By Katie Scott, Wired UK
A study in which recordings of dolphins made in the 1970s were re-analyzed has revealed that dolphins talk to each other in a manner very similar to human speech, using tissue vibrations.Aarhus University in Denmark concentrated on the dolphin’s whistle, which was believed to be produced by the resonance of air in the dolphin’s nasal air cavities. This would have implications for how dolphins communicate at depth — increased air pressure would affect the size of the nasal air cavities and therefore the pitch of the sounds they can make. Instead, the team discovered that the dolphin’s whistle isn’t in fact a whistle at all; but a sound produced by tissue vibrations.
The study centred upon recordings of a 12-year-old male bottlenose dolphin made in 1977 by Professor Sam Ridgway and Dr Don Carder, who were then working for the US Navy Marine Mammal Program. The dolphin, which had been trained for the study, was given a mixture of 80 per cent helium and 20 per cent oxygen (known as heliox) through a US Navy Fenzy breather, which was placed over its blowhole. It was then prompted to whistle and sound recordings taken. Recordings of the dolphin whistling whilst breathing solely air were also taken.
The hypothesis was that the pitch of the whistles would change as the sound speed in heliox is 1.74 times higher than in air — the dolphin would exhibit the same effect that helium has on humans. Specifically, the pitch of the whistle would be 1.74 times higher than when the dolphin had been breathing air. However, this was not so.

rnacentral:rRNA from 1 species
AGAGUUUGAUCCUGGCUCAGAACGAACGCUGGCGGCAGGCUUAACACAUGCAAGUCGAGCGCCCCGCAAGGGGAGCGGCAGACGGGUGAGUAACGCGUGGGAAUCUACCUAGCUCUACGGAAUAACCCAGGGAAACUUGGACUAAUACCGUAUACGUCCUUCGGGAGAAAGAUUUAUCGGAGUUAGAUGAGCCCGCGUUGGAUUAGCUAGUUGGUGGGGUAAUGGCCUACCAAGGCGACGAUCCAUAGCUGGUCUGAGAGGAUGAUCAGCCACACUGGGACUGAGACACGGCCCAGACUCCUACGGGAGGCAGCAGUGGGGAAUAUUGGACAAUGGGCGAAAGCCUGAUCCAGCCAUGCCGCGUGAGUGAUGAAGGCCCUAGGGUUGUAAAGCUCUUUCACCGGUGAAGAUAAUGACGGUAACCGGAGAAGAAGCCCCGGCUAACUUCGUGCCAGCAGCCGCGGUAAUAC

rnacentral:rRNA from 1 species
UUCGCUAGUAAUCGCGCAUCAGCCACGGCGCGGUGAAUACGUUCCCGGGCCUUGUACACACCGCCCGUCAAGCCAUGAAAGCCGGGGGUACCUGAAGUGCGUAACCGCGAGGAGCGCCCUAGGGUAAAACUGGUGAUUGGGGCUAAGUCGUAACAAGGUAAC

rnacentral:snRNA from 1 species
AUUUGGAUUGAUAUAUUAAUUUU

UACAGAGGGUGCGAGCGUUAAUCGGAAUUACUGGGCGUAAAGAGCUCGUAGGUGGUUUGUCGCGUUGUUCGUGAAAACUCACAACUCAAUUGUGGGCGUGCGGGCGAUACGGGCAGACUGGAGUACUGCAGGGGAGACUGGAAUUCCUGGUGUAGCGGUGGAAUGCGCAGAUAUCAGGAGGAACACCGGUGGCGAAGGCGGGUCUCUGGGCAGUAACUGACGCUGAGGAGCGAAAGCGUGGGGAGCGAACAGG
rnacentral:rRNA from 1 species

Peter Madsen, lead author of the paper, which has now been published in Royal Society Biology Letters explains that the US Navy team “couldn’t make sense of their findings” as analyzing just one whistle would take an entire afternoon. The Aarhus team digitized the recordings; and analyzed them using mathematical computing and visualization scripts. Speaking to Wired.co.uk, he explained that these scripts allowed the team to trace the harmonics in each whistle; and determine their frequency.
They found that the pitch did not change between the whistles produced in Heliox and the normal whistles. The dolphin’s whistle is therefore not a whistle but, states the paper, a sound produced by “pneumatically induced tissue vibrations analogous to the operation of vocal folds in terrestrial mammals and the syrinx in birds”. The team suggests that dolphins’ phonic lips are good candidates for the source of the sounds.
Madsen adds that this finding reveals why dolphins can “convey information and their identity regardless of the depth that they are swimming”. Specifically, the use of tissue vibrations made by recycling air allows them to change tone very quickly whereas simply blasting air out once, as humans do when we whistle, wouldn’t “be conducive for good communication in a social setting”. Madsen says that dolphins would have used tissue vibrations to communicate when they lived on land; but suggests that they may have lost this ability when they first moved into the oceans only to develop it over time as a more effective form of communication at depth.
Madsen also believes that the findings could have implications for all toothed whales. True whistles would also be less effective for them when swimming the depths of the oceans and so they too may have developed similar ways of communicating.
Audio: Journal of the Royal Society Biology Letters